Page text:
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Causal Fallacies

It is common for arguments to conclude that one thing causes another. But the relation between cause and effect is a complex one. It is easy to make a mistake.

In general, we say that a cause C is the cause of an effect E if and only if:

  1. Generally, if C occurs, then E will occur, and
  2. Generally, if C does not occur, then E will not occur ether.
We say "generally" because there are always exceptions. For example, we say that striking the match causes the match to light, because:
  1. Generally, when the match is struck, it lights (except when the match is dunked in water), and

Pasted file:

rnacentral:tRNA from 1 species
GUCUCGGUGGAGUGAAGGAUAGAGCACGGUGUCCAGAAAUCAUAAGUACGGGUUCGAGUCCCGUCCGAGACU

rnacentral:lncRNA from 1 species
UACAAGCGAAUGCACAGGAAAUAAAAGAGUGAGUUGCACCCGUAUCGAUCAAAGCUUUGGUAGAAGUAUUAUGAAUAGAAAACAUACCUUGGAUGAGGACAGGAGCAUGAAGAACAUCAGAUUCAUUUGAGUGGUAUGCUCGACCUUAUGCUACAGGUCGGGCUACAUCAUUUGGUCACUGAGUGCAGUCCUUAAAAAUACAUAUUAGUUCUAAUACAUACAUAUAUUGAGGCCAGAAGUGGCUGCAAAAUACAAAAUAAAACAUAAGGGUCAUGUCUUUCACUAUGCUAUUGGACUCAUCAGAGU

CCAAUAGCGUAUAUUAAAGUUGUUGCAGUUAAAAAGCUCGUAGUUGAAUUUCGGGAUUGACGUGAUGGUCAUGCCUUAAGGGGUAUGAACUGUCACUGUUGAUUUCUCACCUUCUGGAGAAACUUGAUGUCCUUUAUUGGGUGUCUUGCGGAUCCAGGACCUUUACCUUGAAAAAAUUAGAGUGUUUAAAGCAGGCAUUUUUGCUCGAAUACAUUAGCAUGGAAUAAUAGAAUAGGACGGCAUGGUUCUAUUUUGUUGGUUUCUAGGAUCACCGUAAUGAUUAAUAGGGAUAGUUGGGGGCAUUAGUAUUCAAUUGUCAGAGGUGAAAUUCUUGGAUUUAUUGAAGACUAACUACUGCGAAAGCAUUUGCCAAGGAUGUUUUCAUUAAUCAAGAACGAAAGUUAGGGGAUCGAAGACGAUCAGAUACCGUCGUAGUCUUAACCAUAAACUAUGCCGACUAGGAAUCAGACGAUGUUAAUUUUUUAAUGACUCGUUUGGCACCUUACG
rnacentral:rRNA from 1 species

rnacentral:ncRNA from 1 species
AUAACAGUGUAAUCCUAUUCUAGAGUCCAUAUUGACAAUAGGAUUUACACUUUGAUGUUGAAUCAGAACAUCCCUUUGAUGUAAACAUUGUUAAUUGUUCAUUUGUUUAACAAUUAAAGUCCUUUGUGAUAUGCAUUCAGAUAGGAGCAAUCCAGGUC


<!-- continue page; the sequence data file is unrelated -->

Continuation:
2. Generally, when the match is not struck, it does not light (except when it is lit with a blowtorch).
Many writers also require that a causal statement be supported with a natural law. For example, the statement that "striking the match causes it to light" is supported by the principle that "friction produces heat, and heat produces fire". The following are causal fallacies:
  • Post Hoc (Because one thing follows another, it is held to cause the other)
  • Joint Effect (A purpoted causeand effect are both the effects of a joint cause)
  • Insignificant (The purported cause is insignificant compared to others)
  • Wrong Direction (The direction between cause and effect is reversed)
  • Complex Cause (The cause identified is only part of the entire cause)
06 October 1995